This note summarises the directives promulgated (either written or verbal) by the Federal Government of Somalia (FGS) and Federal Member States (FMS) aimed at mitigating the spread of COVID-19; and identifies the impact of the restrictions on the general population and humanitarian operations.
The FGS and the FMS continue to take necessary measures to mitigate the spread and impact of COVID-19 in Somalia. Since 16 March 2020, a total of 42 COVID-19 related directives/statements have been issued, either in writing or verbally.
As of 24 April, 41 out of the 42 directives are in place while one aimed at closure of mosques has been rescinded. Twenty-one relate to social distancing, the closure of academic institutions and restriction of population movement. Five impose suspensions on international and domestic passenger flights and restriction of land movement, and seven relate to border closures. Five impose night-time curfews, one directs tax exemption on basic food items to mitigate the economic impact on the population despite government losing revenue; and two relate to the registration and burial activities for deceased persons.
Application of directives
• Currently, 11 out of 12 airports, one out of eight seaports and 17 out of 21 land borders are closed. Hargeisa airport still allows Ethiopian Airlines flights to and from Addis but with a reduced frequency of one flight per week. However, land borders remain porous and cross-border movement has been observed. Efforts are under way to tighten movement.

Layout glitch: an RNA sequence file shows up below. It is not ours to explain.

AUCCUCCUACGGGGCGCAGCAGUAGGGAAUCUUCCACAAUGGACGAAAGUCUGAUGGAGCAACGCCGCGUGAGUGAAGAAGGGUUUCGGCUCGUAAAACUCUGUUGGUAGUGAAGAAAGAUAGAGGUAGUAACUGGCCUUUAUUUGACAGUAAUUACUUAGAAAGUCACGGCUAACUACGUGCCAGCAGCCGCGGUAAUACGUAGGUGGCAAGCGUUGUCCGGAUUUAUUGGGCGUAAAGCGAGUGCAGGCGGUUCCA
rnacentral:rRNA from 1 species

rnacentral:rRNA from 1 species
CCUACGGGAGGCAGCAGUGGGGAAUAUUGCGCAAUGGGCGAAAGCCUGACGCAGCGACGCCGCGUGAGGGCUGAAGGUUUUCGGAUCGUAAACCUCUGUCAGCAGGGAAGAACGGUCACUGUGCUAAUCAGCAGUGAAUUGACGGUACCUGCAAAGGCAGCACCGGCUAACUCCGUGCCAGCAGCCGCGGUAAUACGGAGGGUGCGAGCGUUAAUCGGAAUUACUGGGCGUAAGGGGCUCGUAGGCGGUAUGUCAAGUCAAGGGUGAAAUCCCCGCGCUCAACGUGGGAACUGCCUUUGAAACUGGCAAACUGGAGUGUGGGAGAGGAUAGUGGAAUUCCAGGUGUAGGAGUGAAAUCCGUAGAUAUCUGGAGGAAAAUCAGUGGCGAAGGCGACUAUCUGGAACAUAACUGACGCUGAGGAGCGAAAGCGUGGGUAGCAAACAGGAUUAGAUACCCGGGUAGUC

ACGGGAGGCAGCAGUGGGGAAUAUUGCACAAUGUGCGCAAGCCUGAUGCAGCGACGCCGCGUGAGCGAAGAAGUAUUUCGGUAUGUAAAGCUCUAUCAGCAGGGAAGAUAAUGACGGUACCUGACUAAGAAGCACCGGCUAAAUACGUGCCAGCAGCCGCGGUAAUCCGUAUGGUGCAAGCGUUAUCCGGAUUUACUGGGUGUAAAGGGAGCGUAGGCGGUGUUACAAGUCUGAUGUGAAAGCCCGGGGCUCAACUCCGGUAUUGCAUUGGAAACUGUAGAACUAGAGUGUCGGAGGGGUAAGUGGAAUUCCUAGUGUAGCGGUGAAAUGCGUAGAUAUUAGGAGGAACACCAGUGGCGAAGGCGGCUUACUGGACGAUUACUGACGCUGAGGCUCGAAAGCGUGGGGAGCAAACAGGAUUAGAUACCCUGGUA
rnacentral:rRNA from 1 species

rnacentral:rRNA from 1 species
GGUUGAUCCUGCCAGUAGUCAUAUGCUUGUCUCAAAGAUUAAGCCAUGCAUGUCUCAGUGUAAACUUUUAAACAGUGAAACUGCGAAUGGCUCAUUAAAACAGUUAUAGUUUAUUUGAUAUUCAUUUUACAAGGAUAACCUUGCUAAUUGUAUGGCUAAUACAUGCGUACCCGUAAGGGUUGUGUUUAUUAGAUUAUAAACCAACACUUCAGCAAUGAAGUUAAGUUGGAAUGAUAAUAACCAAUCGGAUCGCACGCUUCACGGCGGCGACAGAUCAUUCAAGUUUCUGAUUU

• Port fees and taxes on imports represent a significant portion of income for the FGS and FMS. According to the World Bank, trade taxes accounted for an average of 69 per cent of domestic revenue over the past 6 years, representing an average. 8 percent of Somalia’s Gross Domestic Product (GDP). The closure of seaports and land borders for a long period presents significant loss in domestic revenue and contraction of GDP. (See interactive map on https://covid19som-ochasom.hub.arcgis.com/).
• Efforts to scale up and implement prevention measures remain a challenge due to living conditions, social practices and the socio-economic considerations associated with preventive measures.
General across all states
• The Education Cluster estimates that 1 million school children are out of the physical classroom due to closure of schools. However, some states have reported alternative learning through different means such as radio, TV and internet. A NRC survey found 92 per cent of internally displaced Somalis interviewed reported the closure of madrasas and schools as the key issue disrupting their daily activities.
• Jubaland, South West State and Puntland have reported increases in prices of basic commodities in markets due to COVID-19 restrictions.
• The reduction in business activities and closure of markets, hotels and restaurants continues to impact daily-wage workers, casual labourers and low-income populations. Import and export have been negatively affected.
- UN Office for the Coordination of Humanitarian Affairs
- To learn more about OCHA's activities, please visit https://www.unocha.org/.